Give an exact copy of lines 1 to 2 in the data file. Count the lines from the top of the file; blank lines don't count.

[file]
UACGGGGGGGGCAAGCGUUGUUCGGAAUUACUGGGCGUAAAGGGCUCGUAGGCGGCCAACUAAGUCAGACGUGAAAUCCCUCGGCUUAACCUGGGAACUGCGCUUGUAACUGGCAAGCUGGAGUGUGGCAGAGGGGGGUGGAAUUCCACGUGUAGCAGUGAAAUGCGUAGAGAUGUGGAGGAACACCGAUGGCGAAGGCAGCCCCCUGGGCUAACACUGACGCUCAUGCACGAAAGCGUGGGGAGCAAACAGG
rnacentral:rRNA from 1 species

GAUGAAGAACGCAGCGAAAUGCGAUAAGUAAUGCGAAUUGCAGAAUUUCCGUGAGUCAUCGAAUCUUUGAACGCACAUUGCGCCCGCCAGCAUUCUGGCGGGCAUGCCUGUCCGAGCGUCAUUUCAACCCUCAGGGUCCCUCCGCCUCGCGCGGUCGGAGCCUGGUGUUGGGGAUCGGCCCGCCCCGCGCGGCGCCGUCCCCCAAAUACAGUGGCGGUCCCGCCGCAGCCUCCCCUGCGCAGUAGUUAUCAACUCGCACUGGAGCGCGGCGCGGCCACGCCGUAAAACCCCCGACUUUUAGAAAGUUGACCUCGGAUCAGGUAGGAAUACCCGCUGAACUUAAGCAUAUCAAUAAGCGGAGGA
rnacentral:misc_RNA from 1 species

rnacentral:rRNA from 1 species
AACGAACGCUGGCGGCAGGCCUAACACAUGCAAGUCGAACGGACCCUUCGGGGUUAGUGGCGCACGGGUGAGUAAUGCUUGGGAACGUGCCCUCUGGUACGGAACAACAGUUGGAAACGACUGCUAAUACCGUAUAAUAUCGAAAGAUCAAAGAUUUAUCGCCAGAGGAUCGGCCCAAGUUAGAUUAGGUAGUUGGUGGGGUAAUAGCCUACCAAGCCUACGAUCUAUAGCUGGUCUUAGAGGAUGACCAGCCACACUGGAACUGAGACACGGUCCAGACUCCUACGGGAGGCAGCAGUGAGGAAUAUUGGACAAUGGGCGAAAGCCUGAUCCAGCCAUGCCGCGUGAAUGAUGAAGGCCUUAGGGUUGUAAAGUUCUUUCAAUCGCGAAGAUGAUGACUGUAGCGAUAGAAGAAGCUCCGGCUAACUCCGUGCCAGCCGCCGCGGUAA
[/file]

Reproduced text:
UACGGGGGGGGCAAGCGUUGUUCGGAAUUACUGGGCGUAAAGGGCUCGUAGGCGGCCAACUAAGUCAGACGUGAAAUCCCUCGGCUUAACCUGGGAACUGCGCUUGUAACUGGCAAGCUGGAGUGUGGCAGAGGGGGGUGGAAUUCCACGUGUAGCAGUGAAAUGCGUAGAGAUGUGGAGGAACACCGAUGGCGAAGGCAGCCCCCUGGGCUAACACUGACGCUCAUGCACGAAAGCGUGGGGAGCAAACAGG
rnacentral:rRNA from 1 species